Archie's death sets the scene for potential estate disputes
A leading South Yorkshire lawyer says the Eastenders storyline relating to the estate of Archie Mitchell highlights the potential claims that can arise on a person's estate after their death.
After Archie's death in the BBC soap, a vicious row broke out between various potential beneficiaries, each claiming their own rights to Archie's estate. His daughter, Roxy, was named as the main beneficiary of the estate, but others may also have rights to claim.
Adam Draper, from the specialist contentious probate team at national law firm Irwin Mitchell in Sheffield, says the storyline from Eastenders highlights the potentially explosive arguments which can emerge over a person's estate.
Draper said: "A person can choose to leave their estate to who they wish, but they must be aware that certain people may have a claim, for financial provision, from their estate under the Inheritance (Provision for Family and Dependants) Act 1975.
"Spouses and civil partners, former spouses and former civil partners who have not remarried, children, and cohabiters (on the basis that they have been living with the deceased for the period of two years prior to the death) and any person who was being maintained by the deceased immediately before the death could benefit from the Inheritance Act.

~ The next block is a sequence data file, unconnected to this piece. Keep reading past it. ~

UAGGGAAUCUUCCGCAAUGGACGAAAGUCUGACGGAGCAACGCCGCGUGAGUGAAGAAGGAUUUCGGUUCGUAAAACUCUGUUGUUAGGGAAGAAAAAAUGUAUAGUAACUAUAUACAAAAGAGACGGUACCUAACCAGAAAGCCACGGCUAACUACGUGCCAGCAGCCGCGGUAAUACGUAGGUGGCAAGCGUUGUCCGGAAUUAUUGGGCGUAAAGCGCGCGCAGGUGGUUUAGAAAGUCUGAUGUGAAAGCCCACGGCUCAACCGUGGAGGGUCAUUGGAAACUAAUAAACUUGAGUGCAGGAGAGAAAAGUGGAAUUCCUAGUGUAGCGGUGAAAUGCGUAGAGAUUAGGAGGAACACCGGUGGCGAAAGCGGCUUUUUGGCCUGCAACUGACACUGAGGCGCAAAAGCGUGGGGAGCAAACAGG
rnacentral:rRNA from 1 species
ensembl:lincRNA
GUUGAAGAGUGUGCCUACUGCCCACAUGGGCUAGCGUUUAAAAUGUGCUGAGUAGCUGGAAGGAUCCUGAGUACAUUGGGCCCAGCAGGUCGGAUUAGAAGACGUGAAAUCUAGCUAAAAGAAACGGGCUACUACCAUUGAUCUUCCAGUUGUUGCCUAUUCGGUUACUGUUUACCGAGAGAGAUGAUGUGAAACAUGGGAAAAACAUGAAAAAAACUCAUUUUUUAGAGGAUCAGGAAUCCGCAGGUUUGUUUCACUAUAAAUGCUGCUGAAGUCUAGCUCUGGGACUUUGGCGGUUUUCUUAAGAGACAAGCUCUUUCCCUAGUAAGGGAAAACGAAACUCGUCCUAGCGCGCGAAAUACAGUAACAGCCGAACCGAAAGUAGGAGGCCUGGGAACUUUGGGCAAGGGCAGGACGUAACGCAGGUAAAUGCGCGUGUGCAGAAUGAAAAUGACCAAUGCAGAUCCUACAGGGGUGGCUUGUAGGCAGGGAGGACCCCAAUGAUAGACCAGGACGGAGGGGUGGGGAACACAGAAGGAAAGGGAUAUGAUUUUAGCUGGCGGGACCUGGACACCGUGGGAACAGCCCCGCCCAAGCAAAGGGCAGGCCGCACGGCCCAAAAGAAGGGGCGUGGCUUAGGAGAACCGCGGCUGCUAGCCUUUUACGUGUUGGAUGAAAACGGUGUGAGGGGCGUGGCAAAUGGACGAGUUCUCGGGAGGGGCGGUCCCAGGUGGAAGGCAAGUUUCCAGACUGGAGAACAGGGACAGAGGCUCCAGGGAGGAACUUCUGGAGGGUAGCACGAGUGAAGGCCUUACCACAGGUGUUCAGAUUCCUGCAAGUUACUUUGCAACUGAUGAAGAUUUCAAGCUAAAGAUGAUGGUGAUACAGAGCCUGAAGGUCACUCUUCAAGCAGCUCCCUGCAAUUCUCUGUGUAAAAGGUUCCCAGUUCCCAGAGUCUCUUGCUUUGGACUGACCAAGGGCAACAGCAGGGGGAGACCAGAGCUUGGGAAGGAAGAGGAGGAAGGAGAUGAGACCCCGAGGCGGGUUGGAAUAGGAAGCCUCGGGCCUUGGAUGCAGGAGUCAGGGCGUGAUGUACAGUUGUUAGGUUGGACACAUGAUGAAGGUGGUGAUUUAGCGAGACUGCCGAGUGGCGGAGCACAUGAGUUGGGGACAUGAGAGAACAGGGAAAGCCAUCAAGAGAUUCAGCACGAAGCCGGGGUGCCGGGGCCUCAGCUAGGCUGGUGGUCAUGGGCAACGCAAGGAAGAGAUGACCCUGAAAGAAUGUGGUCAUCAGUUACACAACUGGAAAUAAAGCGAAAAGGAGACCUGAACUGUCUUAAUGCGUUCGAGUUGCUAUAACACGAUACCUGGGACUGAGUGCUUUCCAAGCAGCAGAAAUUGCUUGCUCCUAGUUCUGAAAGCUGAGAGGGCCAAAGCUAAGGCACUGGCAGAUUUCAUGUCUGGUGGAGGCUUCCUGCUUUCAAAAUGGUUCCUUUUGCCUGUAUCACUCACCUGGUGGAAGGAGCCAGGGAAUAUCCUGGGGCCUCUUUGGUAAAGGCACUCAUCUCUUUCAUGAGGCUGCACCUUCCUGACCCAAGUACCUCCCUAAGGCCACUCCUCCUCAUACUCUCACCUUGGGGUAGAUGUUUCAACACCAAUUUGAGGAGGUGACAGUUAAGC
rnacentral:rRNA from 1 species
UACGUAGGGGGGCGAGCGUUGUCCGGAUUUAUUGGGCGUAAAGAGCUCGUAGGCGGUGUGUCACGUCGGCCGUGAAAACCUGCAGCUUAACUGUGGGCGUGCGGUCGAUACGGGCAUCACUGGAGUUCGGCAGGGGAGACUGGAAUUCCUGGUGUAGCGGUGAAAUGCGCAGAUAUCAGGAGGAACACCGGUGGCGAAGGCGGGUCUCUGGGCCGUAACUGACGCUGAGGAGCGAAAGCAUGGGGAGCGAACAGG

"Roxy has been left the majority of the estate, but there are various other people who would be eligible to make a claim. His other children, Ronnie and Danny, his wife Peggy and his estranged wife Glenda may have a claim as relatives, together with Janine, Bill and Jay as Archie was financially maintaining them prior to his death."
In claims under the Inheritance Act the Court considers a number factors when deciding whether a claimant should be provided for from the estate, including the financial circumstances of all the interested parties, the value of the estate, the obligations and responsibilities the deceased had towards the various parties, any physical and mental disability any of the parties have and any other relevant matters, including the conduct of the parties.